Government announces new watchdog to protect workers’ rights


Government announces new watchdog to protect workers’ rights
The new body will also be able to ensure vulnerable workers can get the holiday pay and statutory sick pay they are entitled to.
// Gov’t to create a new watchdog to protect workers’ rights & clamp down on workplace abuse across all industries, including retail
// It will provide a port of call for workers so they know their rights & can whistleblow on bad behaviour
// It will also provide guidance to businesses on their obligations to staff

The UK Government has announced it will create a new watchdog to protect the rights of workers and clamp down on workplace abuse across all industries, including retail.

Responsibility for tackling modern slavery, enforcing the minimum wage and protecting agency workers, which are currently spread across three different bodies, will all be brought under one roof.

The Department for Business, Energy and Industrial Strategy (BEIS) said this approach would help improve enforcement through better co-ordination and pooling intelligence.


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The body will provide a port of call for workers so they know their rights and can whistleblow on bad behaviour, while providing guidance to businesses on their obligations to staff.

Current plans will see the Gangmasters and Labour Abuse Authority, the Employment Agency Standards Inspectorate and HMRC’s National Minimum Wage Enforcement combined to create a single enforcement body.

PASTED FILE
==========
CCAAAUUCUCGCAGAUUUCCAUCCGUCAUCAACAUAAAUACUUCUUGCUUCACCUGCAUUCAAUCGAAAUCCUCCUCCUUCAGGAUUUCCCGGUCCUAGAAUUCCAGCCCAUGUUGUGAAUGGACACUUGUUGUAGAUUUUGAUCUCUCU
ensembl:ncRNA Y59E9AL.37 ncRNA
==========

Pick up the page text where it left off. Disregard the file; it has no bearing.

The new body, confirmed in a consultation response on Tuesday, will also be able to ensure vulnerable workers can get the holiday pay and statutory sick pay they are entitled to.

“The vast majority of businesses want to do right by their staff, but there are a minority who seem to think the law doesn’t apply to them,” business minister Paul Scully, said.

“Exploitative practices like modern slavery have no place in society.

“This new workers’ watchdog will help us crack down on any abuses of workers’ rights and take action against companies that turn a blind eye to abuses in their supply chains, while providing a one-stop shop for employees and businesses wanting to understand their rights and obligations.”

BEIS said the government would also explore further measures to target abuses in the garment sector amid scrutiny of the industry following revelations about the conditions for workers.

Options currently being considered include creating a Garment Trade Adjudicator to investigate retailers’ and fashion brands’ supply chains, or extending the licencing scheme that currently covers employers in the agricultural sector.

Harsher measures for companies which do not improve could include bans on goods made in factories where workers have been underpaid, BEIS added.

with PA Wires

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